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Affordable Care: Exercise as a Supplement to Mental Health Treatment

Affordable Care: Exercise as a Supplement to Mental Health Treatment

When you imagine what mental health treatment looks like, what comes to mind? Is it sitting in an office talking one-on-one with a therapist? Is it being taught techniques to help you cope with your thoughts and moods? Does it include taking a prescription drug?

You wouldn’t be far off. For many people, the above is exactly what most mental health treatment consists of. Yet time and time again, studies have shown vast improvements in a spectrum of mental health conditions when patients include a regular exercise routine in their schedules. And this program doesn’t need to be intrusive, expensive or intensive. Even adding brief periods of walking throughout the day has been shown to improve mood and lessen the effects of conditions such as depression and anxiety.

Despite these benefits, many patients who undergo treatment for a mental health condition never have a conversation with their provider about their physical exercise routines. There’s a few reasons for this, some of which are valid points – behavioral health providers might feel like exercise is out of their expertise area and don’t feel comfortable talking to patients about it; others might believe that physical activity is a physical health concern and not a behavioral health issue. However, if providers aren’t sharing the benefits of exercise with their patients, either through conversation or including it on a patient’s treatment plan, then patients are far less likely to understand how exercise can help them or to do it at all.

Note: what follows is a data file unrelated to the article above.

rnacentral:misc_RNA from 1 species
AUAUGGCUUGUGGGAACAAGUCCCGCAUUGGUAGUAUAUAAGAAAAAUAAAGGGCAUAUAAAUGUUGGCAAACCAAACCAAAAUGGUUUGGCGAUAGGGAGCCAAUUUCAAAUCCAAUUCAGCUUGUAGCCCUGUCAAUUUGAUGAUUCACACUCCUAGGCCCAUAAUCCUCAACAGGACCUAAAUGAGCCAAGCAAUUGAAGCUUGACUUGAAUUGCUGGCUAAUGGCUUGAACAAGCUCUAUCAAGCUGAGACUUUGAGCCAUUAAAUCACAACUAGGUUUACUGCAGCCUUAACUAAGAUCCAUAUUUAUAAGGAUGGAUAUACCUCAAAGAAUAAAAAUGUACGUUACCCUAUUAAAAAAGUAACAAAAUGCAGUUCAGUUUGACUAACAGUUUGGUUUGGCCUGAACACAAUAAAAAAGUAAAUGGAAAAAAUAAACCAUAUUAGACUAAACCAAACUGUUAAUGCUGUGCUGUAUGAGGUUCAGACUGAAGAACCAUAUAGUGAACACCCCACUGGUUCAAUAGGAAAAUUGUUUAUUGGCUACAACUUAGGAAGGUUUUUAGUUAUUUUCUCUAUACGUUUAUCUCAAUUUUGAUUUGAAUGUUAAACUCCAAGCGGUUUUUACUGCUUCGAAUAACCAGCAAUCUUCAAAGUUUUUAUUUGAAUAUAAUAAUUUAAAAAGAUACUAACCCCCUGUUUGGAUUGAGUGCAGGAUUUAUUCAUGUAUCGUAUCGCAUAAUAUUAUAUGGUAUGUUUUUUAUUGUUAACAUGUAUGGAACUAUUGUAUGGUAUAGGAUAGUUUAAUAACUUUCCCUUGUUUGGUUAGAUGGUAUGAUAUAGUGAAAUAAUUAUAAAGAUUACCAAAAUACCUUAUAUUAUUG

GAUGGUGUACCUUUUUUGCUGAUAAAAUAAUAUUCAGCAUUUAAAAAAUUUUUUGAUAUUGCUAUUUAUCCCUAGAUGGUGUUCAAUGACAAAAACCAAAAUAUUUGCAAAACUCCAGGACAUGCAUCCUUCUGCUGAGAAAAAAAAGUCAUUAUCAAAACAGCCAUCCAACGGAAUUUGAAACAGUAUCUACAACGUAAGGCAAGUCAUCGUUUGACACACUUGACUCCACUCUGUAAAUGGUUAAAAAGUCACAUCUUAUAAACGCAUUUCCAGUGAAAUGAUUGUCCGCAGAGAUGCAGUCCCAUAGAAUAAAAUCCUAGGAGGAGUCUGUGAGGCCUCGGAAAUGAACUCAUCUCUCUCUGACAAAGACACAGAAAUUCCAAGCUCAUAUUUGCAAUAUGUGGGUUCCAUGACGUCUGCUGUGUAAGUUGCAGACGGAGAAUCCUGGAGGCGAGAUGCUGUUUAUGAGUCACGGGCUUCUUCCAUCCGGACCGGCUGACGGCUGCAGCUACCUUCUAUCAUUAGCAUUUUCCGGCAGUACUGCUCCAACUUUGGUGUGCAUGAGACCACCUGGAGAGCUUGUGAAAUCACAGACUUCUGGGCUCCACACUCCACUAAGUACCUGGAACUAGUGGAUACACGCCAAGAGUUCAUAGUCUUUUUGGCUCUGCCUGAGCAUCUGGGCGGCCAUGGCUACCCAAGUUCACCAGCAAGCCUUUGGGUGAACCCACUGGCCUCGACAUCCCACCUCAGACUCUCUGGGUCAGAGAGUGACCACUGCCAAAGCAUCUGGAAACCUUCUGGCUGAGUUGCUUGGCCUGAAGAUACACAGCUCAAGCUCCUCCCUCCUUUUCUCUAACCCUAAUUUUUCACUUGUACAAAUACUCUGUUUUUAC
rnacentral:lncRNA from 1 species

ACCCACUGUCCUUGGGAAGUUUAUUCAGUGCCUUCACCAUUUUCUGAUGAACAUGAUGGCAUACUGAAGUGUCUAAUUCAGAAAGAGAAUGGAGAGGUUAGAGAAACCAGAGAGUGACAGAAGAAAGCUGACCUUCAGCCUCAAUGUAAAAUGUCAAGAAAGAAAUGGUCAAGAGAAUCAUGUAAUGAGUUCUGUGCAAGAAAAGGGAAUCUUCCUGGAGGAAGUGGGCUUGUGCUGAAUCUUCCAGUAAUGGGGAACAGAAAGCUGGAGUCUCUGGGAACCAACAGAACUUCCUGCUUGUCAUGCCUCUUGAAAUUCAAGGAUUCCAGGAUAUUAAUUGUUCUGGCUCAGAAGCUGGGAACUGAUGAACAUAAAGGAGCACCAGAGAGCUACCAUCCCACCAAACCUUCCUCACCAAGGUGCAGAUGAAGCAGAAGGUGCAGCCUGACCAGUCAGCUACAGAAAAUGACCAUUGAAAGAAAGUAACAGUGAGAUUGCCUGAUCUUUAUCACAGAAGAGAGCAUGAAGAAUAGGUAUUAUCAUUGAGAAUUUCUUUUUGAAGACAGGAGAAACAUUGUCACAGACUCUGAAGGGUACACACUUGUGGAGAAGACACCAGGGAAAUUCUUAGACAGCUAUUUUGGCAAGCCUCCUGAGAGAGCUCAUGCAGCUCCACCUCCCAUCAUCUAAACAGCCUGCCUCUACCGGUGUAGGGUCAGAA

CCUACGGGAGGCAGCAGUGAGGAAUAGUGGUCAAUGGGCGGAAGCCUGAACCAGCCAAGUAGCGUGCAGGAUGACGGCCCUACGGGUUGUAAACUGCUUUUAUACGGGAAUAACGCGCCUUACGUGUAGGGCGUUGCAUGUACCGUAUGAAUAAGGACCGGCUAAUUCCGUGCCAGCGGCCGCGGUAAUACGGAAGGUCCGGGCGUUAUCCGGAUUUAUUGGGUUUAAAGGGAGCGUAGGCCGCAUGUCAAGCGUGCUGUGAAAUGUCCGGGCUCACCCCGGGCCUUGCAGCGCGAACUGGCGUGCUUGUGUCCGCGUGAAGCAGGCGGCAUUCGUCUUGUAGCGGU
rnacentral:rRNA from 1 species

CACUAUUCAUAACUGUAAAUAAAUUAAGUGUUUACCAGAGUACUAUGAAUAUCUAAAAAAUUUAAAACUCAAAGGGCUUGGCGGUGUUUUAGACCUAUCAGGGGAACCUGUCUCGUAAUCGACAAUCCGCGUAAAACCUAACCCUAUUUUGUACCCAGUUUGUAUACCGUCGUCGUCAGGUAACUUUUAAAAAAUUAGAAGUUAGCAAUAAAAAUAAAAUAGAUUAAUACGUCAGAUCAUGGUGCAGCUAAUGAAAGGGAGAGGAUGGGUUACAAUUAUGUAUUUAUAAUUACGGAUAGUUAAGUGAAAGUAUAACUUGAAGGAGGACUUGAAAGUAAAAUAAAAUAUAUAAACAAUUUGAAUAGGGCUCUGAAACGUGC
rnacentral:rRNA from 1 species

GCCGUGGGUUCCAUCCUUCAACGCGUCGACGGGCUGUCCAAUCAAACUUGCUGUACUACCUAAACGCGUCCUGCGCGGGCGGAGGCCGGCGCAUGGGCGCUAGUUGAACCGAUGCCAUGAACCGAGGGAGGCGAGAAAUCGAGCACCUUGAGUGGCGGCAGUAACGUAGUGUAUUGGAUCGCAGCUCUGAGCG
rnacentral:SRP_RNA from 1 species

As a client, you can still reap the benefits of exercise, even if your therapist hasn’t brought it up. Things like walking for 20 minutes a day, exploring the outdoors, taking up a sport or physical hobby, or enrolling in a fitness class are all ways you can use exercise to your benefit without buying an expensive gym membership. Note: Consult your doctor before starting a new exercise regimen, especially if you’ve been inactive for a period of time, to ensure that you aren’t pushing yourself too hard.

When we talk about keeping counseling affordable, a big part has to do with what happens outside of the therapist’s office - both through changes in our thoughts and behaviors and our physical functioning. Try exercise as a supplement to your treatment plan and see what works for you!

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Jennifer Novack
Posted on 01/22/2018 by Jennifer Novack

Jennifer is a writer for OpenCounseling. She has worked at a number of state and non-profit organizations, providing counseling, training, and policy development